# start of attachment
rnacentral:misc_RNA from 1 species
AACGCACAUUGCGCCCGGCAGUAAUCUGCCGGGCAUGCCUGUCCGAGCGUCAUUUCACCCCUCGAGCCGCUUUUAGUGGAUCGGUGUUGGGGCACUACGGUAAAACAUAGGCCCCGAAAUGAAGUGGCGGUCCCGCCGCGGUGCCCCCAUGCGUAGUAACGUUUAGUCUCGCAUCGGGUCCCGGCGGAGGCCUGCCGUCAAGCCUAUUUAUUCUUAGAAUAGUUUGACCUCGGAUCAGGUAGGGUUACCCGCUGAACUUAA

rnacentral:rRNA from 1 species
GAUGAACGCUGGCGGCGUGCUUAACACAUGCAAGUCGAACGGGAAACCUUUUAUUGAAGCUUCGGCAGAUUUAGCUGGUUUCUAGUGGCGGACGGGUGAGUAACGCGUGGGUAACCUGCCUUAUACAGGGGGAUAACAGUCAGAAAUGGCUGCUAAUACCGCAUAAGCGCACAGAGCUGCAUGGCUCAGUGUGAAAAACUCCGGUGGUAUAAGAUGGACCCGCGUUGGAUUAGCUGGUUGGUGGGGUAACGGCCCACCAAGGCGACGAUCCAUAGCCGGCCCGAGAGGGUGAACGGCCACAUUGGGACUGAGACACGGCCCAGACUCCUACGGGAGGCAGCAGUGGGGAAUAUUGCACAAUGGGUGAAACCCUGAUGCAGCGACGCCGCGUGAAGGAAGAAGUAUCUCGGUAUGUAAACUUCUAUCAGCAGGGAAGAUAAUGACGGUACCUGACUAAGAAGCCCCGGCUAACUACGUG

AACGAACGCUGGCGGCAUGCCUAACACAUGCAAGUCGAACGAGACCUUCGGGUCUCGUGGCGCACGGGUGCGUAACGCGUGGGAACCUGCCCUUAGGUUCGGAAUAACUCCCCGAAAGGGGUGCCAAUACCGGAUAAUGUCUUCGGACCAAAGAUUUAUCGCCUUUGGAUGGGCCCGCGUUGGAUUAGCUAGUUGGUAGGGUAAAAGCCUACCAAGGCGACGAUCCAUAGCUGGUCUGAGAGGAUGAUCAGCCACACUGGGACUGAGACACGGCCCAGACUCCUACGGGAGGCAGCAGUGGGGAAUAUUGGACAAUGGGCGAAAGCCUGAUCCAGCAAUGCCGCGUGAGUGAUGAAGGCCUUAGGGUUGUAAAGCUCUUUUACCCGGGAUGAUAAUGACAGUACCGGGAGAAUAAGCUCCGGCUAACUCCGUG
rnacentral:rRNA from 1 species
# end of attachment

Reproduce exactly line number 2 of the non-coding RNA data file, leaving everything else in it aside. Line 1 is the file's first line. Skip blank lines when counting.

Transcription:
AACGCACAUUGCGCCCGGCAGUAAUCUGCCGGGCAUGCCUGUCCGAGCGUCAUUUCACCCCUCGAGCCGCUUUUAGUGGAUCGGUGUUGGGGCACUACGGUAAAACAUAGGCCCCGAAAUGAAGUGGCGGUCCCGCCGCGGUGCCCCCAUGCGUAGUAACGUUUAGUCUCGCAUCGGGUCCCGGCGGAGGCCUGCCGUCAAGCCUAUUUAUUCUUAGAAUAGUUUGACCUCGGAUCAGGUAGGGUUACCCGCUGAACUUAA